Sincerely,

Robert R. McGill, Esquire

 

Federal Gov. Disability Retirement: Of dreamers and doers

There is a time for dreaming; of mental wanderings into wafting willows of soft surfs, where the ebb and flow of moonlit sparkles in the quietude of motionless tranquility pervades like the morning mist in weightless calm.  But in a world where action, doing, accomplishment and “getting ahead” constitutes the springboard of recognition and rewards, the temperament of timeless thinking rarely is allowed, and with grim furrows of brows judging with severe penetration of unforgiving eyes, the dreamers of the world survive at the behest of small windows of tolerance.

Of dreamers and doers, they span the spectrum between creativity and accomplishment, betwixt imagination and construction, and within fiction and fact.

There is a time for everything, and King Solomon knew well the appropriateness of matching the circumstances of the world to the plans of a future king.  For most of us, the time is now.  Dreamers who dream beyond the pinnacle of sleepless nights fare only at the behest of those who race ahead.

For Federal employees and U.S. Postal Workers who suffer from a medical condition, the need to act, to prepare, formulate and file an effective Federal Disability Retirement application with the U.S. Office of Personnel Management, becomes more and more of an urgent need, concurrently with the time when the injured or medically incapacitated Federal employee wants to curl up and hide in the womb of dreams.

Life is hard; and while the state of dreaming allows us to momentarily escape the harshness of the world, we awaken with a sudden start, and realize that the dream shattered was merely a land of imaginary hope; doing is what accomplishes, and for the Federal and Postal employee, whether under FERS, CSRS or CSRS Offset, it is the concrete steps taken which will allow one to attain that conclusion of restorative prairies, where one can attend to the medical conditions and be free to dream for tomorrow.  Of dreamers and doers; it is to engage the latter, in order to have the time for the former.

Sincerely,

Robert R. McGill, Esquire

 

FERS & CSRS Disability Retirement: Identifying the Substantive Significance

We all know people who meander; whether aimlessly, or with thoughtful purpose, but in a circuitous manner belying of deliberate direction.  Instead of focusing upon the subject matter discussed, perhaps the creative impulse within constantly distracts, and so the splatter and spew of words and sentences are never formulated into a singular track from Point A to Point B, but rather, like the dow jones graph of recent phenomena, directionless outputs traversing the entire spectrum of possible ideas to touch upon.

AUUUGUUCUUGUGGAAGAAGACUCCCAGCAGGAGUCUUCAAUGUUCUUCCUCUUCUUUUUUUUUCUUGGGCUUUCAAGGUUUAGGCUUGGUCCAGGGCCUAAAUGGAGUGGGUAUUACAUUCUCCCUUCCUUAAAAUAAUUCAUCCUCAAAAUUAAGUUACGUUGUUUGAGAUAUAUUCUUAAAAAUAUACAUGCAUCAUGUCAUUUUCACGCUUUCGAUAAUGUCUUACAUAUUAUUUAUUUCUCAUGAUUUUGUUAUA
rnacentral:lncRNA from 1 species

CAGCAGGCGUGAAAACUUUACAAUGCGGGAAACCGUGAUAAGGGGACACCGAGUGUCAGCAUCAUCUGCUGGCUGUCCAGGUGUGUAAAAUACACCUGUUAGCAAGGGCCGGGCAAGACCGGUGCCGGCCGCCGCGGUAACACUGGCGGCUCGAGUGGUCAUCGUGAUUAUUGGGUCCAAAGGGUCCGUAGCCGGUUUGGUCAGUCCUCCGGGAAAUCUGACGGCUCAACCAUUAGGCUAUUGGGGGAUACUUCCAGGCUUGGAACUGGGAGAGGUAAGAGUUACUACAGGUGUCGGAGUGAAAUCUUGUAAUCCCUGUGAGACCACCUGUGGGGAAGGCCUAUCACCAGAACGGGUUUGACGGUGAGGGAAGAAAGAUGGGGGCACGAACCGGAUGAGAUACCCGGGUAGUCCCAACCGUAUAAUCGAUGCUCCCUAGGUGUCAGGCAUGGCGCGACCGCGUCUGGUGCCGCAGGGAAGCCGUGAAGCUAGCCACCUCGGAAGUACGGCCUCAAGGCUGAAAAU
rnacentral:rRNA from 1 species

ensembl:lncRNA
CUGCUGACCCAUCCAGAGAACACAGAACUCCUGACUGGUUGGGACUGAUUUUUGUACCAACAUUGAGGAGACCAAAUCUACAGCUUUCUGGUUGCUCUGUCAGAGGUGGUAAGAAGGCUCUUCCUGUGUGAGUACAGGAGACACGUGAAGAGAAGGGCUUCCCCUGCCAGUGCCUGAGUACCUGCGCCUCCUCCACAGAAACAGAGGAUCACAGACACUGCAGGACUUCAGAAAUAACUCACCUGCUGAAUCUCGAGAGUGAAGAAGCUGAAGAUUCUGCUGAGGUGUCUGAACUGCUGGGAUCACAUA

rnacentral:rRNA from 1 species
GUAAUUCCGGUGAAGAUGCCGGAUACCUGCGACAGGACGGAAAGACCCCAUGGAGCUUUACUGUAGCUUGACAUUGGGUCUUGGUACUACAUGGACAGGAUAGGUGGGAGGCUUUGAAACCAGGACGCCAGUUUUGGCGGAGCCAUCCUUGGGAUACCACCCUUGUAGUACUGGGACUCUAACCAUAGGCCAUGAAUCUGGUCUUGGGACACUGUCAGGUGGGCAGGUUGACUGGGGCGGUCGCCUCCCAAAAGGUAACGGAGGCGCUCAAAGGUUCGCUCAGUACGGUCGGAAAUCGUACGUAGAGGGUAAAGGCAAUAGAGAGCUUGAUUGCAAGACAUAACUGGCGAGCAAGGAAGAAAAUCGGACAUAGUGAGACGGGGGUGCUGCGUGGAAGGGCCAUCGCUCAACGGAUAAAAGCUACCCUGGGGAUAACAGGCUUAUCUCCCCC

Such creative constituents of unconventional thought processes make for interesting lives; if everyone spoke in formulations of straight methodological contents, science would rule the universe, and statistical boredom would control the monotony of the daily drone.  But recognizing the substantive core of a subject can be necessary, at crucial moments; identification, formulation and focus upon that which is significant, as opposed to peripheral matters which may be of importance in a personal manner, but irrelevant in the context of the business world or technical endeavors, cannot always be overlooked or dismissed merely for the sake of upholding creativity or charm.

The bomb expert attempting to deactivate the explosive mechanism cannot wander in thought from the task at hand; identification of that which is substantively significant must always be the primary focus of the detail, and wavering from that course of thought-process may have more than mere theoretical consequences and repercussions.

For the Federal employee and the U.S. Postal worker who suffers from a medical condition, such that the medical condition prevents the Federal or Postal employee from performing one or more of the essential elements of one’s positional duties in the Federal agency or the U.S. Postal Service, the need to file for a Federal Disability Retirement application with the U.S. Office of Personnel Management, whether the Federal employee is under FERS, CSRS or CSRS Offset, requires a level of focus, concentration, and capacity to identify the core issues to be discussed, and to create the proper legal nexus which satisfies the multiple criteria required in order to meet the eligibility mandates delineated by OPM regulations and laws.

As with every endeavor of life, preparing, formulating and filing for Federal and Postal Disability Retirement benefits through OPM is never merely a logical algorithm of mathematical precision; yes, it involves a level of creativity, especially because it must inform the OPM specialist of the narrative of the medical condition and its impact upon one’s professional and personal life.  But in the end, the Federal employee and U.S. Postal worker must be able to identify the substantive significance of the facts, the law, and the coexisting intersection and interplay between the two, in formulating an effective Statement of Disability as prepared on SF 3112A.

Sincerely,

Robert R. McGill, Esquire